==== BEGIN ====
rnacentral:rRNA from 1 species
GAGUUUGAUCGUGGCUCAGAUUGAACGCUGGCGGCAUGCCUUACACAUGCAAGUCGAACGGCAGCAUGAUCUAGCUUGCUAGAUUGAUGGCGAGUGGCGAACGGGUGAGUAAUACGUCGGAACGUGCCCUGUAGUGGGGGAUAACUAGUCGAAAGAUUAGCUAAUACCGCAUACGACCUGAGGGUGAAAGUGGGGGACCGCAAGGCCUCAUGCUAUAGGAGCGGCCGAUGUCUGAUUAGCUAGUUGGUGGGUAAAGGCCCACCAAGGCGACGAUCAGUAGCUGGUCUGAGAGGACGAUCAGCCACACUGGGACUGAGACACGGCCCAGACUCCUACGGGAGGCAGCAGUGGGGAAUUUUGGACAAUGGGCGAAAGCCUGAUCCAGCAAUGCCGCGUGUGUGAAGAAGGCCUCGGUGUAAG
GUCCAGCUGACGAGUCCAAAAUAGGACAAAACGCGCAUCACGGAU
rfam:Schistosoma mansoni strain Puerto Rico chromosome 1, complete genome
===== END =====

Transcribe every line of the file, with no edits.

rnacentral:rRNA from 1 species
GAGUUUGAUCGUGGCUCAGAUUGAACGCUGGCGGCAUGCCUUACACAUGCAAGUCGAACGGCAGCAUGAUCUAGCUUGCUAGAUUGAUGGCGAGUGGCGAACGGGUGAGUAAUACGUCGGAACGUGCCCUGUAGUGGGGGAUAACUAGUCGAAAGAUUAGCUAAUACCGCAUACGACCUGAGGGUGAAAGUGGGGGACCGCAAGGCCUCAUGCUAUAGGAGCGGCCGAUGUCUGAUUAGCUAGUUGGUGGGUAAAGGCCCACCAAGGCGACGAUCAGUAGCUGGUCUGAGAGGACGAUCAGCCACACUGGGACUGAGACACGGCCCAGACUCCUACGGGAGGCAGCAGUGGGGAAUUUUGGACAAUGGGCGAAAGCCUGAUCCAGCAAUGCCGCGUGUGUGAAGAAGGCCUCGGUGUAAG
GUCCAGCUGACGAGUCCAAAAUAGGACAAAACGCGCAUCACGGAU
rfam:Schistosoma mansoni strain Puerto Rico chromosome 1, complete genome